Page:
Ways to save your garden
At some point, the soil microorganisms can’t process this organic matter any further, and the left-over material is called humus. Consisting mostly of carbon, humus is so stable that it can persist in the soil for hundreds of years.
This is why those who farm without chemicals (which destroy the soil structure) have far fewer problems during drought times. A layer of organic material over humus-rich gardens further ensures lower moisture loss to sun and wind.
This is a long term project but improvement will occur within a year, as long as the micro-organisms, which must be present in large populations to make humus, aren’t compromised.
That means no chemical sprays, no chemical fertilisers (a little for special reasons occasionally is ok) and no chlorinated tap water. Fit a carbon bonded filter and housing onto your garden tap to remove the harmful chlorine if it’s in your water supply.
Continue to progressively add organic, chemical free material.
When weeding, lay the pulled weeds on the soil surface to feed the soil and return the nutrients they have extracted.
Apply monthly to quarterly, a combination of Magic Botanic Liquid (MBL) and Mycorrcin as a soil drench, along with potash. Every three months, add a soft garden lime, dolomite and gypsum and during sunny, hot or windy times, an all-over spray of Vaporguard.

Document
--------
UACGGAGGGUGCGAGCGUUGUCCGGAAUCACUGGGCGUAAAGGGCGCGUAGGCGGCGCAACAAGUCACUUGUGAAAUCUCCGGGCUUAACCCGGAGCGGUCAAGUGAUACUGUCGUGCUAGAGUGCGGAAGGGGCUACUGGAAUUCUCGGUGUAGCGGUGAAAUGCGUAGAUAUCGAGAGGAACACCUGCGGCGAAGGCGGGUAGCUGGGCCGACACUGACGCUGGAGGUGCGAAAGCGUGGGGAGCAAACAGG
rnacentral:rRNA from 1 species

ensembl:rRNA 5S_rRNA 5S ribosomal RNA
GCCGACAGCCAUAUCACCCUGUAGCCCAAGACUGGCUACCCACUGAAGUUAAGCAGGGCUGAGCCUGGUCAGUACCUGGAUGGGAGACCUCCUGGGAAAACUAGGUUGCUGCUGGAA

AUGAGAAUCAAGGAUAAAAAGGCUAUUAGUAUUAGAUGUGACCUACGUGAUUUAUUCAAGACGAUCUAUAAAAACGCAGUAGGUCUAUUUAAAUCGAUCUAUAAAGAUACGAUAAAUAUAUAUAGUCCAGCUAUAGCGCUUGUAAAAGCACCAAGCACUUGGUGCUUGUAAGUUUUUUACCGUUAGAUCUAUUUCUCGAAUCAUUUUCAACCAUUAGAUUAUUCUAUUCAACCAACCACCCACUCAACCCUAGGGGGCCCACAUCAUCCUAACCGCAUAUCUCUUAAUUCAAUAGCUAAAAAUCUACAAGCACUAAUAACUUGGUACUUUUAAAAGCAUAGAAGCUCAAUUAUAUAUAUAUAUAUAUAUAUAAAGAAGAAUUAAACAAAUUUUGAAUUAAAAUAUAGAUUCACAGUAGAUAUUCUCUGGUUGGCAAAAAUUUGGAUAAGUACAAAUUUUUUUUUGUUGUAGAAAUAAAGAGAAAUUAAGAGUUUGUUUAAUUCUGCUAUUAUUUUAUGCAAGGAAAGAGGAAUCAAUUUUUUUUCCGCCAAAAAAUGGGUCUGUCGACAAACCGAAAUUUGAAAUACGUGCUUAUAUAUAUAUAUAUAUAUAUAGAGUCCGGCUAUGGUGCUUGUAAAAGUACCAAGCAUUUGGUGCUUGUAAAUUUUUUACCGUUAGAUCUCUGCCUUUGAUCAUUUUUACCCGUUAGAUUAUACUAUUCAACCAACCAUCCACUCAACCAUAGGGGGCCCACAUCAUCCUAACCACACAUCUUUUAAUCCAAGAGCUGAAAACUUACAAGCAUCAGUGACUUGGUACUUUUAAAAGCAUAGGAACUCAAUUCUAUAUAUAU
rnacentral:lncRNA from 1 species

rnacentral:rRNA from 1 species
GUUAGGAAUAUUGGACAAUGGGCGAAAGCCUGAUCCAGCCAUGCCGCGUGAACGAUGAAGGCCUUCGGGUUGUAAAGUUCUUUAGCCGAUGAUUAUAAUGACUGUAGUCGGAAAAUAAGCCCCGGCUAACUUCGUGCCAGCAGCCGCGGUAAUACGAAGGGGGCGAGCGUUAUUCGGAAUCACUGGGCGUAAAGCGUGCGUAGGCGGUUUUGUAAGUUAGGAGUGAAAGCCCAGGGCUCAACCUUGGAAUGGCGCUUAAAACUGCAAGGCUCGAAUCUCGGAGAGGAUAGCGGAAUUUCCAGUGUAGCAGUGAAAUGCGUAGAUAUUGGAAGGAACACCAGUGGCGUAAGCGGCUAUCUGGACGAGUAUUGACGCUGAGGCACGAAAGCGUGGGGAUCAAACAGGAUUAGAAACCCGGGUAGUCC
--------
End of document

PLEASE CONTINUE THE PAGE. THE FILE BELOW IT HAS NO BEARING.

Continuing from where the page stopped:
Follow these simple instructions and every year, drought problems will become less.
When the soil becomes too dry, surface tension prevents water from penetrating. So, before watering, break the soil surface tension by either using MBL, or dish-washing liquid in warm water, lathered up and spread with a watering can. Leave for a while to penetrate then irrigate with nonchlorinated water.
To get water deeper into the soil for trees and shrubs, cut the bottom off a plastic 2-litre cordial bottle and bury it (neck down and cap off) near the plant. Then simply fill the upturned bottle with water.
Generally, grey water is good for your gardens, and may have nutrients as well. However, do not store it for more than 24 hours, and only use laundry detergents low in sodium (salt).
Problems ring me at 0800 466464 (Palmerston North 3570606). Email wallyjr@ gardenews.co.nz. Website gardenews.co.nz
A drought-proof garden makes the most of water resources while ensuring garden plants don’t go thirsty.